Monday, July 25, 2005

Julia and the Volcano

So while trying to save the world, I'm also trying to save my sanity.
One way to do this? Climb the Philippines' most active volcano!

I joined five other Peace Corps volunteers -- all girls! -- this past weekend for a hike up the "perfect cone" of Mount Mayon, one of the most beautiful volcanoes in the world. It sits just about an hour from Donsol in the province of Albay and I marvel at it every time I ride the Filcab or Jeepney into the big city of Legaspi.

I got a chance to see it up close in personal this weekend as we climbed up halfway, camped out and continued nearly to the top. It's a steep and rocky climb and steamy at the top. No worries though. The last eruption was five years ago...but it's still smoldering in there, nonetheless.

We were led by guides, climbed up a sheer face of volcanic rock and through jungle paths. We braved downpours and even a flash flood. But we pulled through it with only a few scratches and a little soreness a couple of days later.

Here's a couple of links to photos (you have to sign in to view them on Kodak Gallery) and a few of my own:

View Dede's photos

View Lisa's photos

It's a long way up from here!

Me, soaked on the rocks at Mount Mayon

Another gorgeous view

After a downpour, the trail got a little flooded

Me, taking a rest on the second day

Wednesday, July 13, 2005

She's Been Swallowed By a Giant Whaleshark!

Okay, just kidding. But I just saw that it's been almost two weeks since my last blog. I have a number of excuses. First, I live at the end of a long road to nowhere, uh, well, Donsol, Sorsogon, and Internet is more than an hour's ride on a "Air Con" (Yeah, right!) van with 12 of my new Filipino neighbors. Two, I escaped to a remote island called Catanduanes last weekend and was again far from the Web. Three, well, I'll think of it in a bit.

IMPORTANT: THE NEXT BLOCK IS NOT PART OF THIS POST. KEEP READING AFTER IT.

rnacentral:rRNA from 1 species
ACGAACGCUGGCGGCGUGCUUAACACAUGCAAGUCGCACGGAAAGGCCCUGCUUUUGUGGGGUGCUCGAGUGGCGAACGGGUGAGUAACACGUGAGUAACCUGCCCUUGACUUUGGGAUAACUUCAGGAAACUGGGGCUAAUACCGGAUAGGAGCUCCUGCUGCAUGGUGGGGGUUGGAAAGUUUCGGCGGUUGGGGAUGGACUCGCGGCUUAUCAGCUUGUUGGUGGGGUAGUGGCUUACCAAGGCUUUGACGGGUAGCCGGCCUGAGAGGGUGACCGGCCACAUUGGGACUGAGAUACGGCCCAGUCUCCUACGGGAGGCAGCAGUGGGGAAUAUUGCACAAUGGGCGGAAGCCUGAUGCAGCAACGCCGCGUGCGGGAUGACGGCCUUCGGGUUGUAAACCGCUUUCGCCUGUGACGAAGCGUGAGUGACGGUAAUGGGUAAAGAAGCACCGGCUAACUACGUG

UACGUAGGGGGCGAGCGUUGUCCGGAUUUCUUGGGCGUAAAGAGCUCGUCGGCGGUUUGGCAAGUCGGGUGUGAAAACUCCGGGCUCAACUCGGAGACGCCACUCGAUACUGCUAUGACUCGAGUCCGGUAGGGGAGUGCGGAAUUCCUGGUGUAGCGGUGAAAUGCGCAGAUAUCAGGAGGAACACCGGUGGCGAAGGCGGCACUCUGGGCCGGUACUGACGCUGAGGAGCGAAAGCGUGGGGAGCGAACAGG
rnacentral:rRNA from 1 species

Hello everyone! Sorry for the lapse in writing. It's hard to believe that I have almost been at site nearly five weeks. While the days sometimes move like molasses, the weeks seems to fly by. That's what they say about Peace Corps experience: It's over before you know it.

I get busier and busier as things crop up at school and ideas are coming to me by the dozens. The real challenge is to figure out how to get things done on "Filipino time" (whenever it happens, it happens time) and within the system. The struggle is to throw out most of how you function as an American and begin to think like a Filipino. You don't deal with people directly. You whisper your idea to someone who might plant a seed in the right person's head. You don't expect that people will show up on time to meetings. They won't. You don't worry about the outcome. Bahala Na. It eventually happens, one way or the other.

As I mentioned, I traveled to Catanduanes last weekend to participate in a Peace Corps-sponsored girls' empowerment camp called GLOW (Girls Leading Our World). It was really cool. We spent two days with about 40 girls, ages 12 to 16, and did a number of activities that encourage them to speak their minds and be leaders in their community. The camp was conceived by a PCV in Africa a few years back and now is being conducted in some form or another all over the world. Really inspiring to see these young girls really blossom. (Filipino students are often very shy and the camp seems to really break them out of their shell). I assisted with sessions and conducted my own yoga class for the girls. You should have heard them "Ommmmmmm!" Needless to say, I am now planning on one in Donsol -- hopefully to happen in late August, early September.

At school, I will conduct a workshop July 15 on activities teachers can use to get their students speaking up in class. I am planning and developing other programs to address a number of English skills the kids are struggling with -- comprehension, vocabulary, etc. In two higher level English classes, I am reading a novel to the students called The Secret, written by a Filipino writer for high school-aged kids. Because I have only one book, I am using it as a "listening" exercise and giving them vocabulary words and worksheets to test their comprehension. But they seem to understand a good deal and to be enjoying the story, so I'll just see how it goes.